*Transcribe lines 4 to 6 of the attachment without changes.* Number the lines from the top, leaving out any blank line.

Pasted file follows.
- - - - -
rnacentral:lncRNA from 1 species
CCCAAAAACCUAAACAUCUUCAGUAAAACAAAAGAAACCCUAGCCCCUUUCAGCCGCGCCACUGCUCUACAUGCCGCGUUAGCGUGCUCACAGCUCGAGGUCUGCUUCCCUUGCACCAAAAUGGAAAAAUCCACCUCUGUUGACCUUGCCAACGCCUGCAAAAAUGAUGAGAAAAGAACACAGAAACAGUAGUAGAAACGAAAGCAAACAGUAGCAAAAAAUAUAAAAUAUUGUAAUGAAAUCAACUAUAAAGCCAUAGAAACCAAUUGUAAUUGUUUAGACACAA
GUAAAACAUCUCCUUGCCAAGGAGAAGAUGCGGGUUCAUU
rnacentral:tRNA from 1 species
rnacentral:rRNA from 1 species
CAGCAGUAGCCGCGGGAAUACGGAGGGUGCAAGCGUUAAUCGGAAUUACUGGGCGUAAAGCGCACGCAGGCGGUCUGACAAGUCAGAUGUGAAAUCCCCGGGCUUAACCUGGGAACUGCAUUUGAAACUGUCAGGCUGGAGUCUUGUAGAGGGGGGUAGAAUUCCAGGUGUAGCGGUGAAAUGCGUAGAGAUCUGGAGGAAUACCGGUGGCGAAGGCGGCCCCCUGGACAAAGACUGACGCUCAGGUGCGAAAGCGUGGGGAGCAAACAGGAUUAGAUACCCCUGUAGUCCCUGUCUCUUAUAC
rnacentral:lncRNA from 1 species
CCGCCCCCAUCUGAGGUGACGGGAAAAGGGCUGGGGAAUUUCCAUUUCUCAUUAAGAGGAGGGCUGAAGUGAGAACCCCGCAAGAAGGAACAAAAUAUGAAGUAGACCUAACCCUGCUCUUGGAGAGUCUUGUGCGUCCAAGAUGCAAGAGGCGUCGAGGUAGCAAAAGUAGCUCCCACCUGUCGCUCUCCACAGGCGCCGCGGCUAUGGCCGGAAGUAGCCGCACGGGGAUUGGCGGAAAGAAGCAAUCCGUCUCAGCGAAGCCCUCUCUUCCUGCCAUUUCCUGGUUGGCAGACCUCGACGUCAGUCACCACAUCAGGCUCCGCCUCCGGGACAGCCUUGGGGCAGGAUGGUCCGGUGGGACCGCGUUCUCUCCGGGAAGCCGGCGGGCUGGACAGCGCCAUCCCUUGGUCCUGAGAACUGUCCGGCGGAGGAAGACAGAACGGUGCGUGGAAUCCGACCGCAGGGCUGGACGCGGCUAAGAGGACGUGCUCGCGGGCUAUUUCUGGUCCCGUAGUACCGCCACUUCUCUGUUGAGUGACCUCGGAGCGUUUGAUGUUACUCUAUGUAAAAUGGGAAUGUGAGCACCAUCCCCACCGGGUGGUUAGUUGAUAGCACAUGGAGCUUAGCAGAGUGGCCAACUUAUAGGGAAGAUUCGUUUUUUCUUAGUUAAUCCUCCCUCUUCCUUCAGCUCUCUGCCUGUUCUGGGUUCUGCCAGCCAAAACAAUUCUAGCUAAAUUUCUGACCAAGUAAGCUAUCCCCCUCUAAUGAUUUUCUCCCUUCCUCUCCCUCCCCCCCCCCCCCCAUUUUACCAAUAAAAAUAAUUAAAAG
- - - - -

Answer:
rnacentral:tRNA from 1 species
rnacentral:rRNA from 1 species
CAGCAGUAGCCGCGGGAAUACGGAGGGUGCAAGCGUUAAUCGGAAUUACUGGGCGUAAAGCGCACGCAGGCGGUCUGACAAGUCAGAUGUGAAAUCCCCGGGCUUAACCUGGGAACUGCAUUUGAAACUGUCAGGCUGGAGUCUUGUAGAGGGGGGUAGAAUUCCAGGUGUAGCGGUGAAAUGCGUAGAGAUCUGGAGGAAUACCGGUGGCGAAGGCGGCCCCCUGGACAAAGACUGACGCUCAGGUGCGAAAGCGUGGGGAGCAAACAGGAUUAGAUACCCCUGUAGUCCCUGUCUCUUAUAC